I just wanted to give everyone a preview of the new website, which we are working on. The site is using a Wordpress content management system, so there are some changes still to be made and things like fontsize still need to be finalized. But we will be having a lot of content on it, including articles, interviews, videos and books. For now, here are a few links to articles from The Fourth Viking Congress, edited by Alan Small and published by Aberdeen University in 1961.

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Wednesday, 1 October 2008

Of mice and (Viking?) men: phylogeography of British and Irish house mice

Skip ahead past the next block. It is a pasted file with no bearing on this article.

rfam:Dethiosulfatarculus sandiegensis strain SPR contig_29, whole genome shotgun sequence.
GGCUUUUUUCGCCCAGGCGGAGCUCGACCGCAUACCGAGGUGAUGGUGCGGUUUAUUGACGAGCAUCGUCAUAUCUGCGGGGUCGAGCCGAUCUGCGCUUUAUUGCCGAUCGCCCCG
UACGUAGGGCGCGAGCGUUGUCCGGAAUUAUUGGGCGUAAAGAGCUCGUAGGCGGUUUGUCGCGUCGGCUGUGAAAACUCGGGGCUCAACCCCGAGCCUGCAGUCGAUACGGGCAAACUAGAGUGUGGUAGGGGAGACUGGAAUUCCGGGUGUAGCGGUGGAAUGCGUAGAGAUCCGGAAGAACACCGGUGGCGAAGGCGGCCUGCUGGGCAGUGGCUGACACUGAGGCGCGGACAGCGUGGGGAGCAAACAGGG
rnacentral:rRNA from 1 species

The west European subspecies of house mouse (Mus musculus domesticus) has gained much of its current widespread distribution through commensalism with humans. This means that the phylogeography of M. m. domesticus should reflect patterns of human movements. We studied restriction fragment length polymorphism (RFLP) and DNA sequence variations in mouse mitochondrial (mt) DNA throughout the British Isles (328 mice from 105 localities, including previously published data). There is a major mtDNA lineage revealed by both RFLP and sequence analyses, which is restricted to the northern and western peripheries of the British Isles, and also occurs in Norway. This distribution of the ‘Orkney’ lineage fits well with the sphere of influence of the Norwegian Vikings and was probably generated through inadvertent transport by them. To form viable populations, house mice would have required large human settlements such as the Norwegian Vikings founded. The other parts of the British Isles (essentially most of mainland Britain) are characterized by house mice with different mtDNA sequences, some of which are also found in Germany, and which probably reflect both Iron Age movements of people and mice and earlier development of large human settlements. MtDNA studies on house mice have the potential to reveal novel aspects of human history.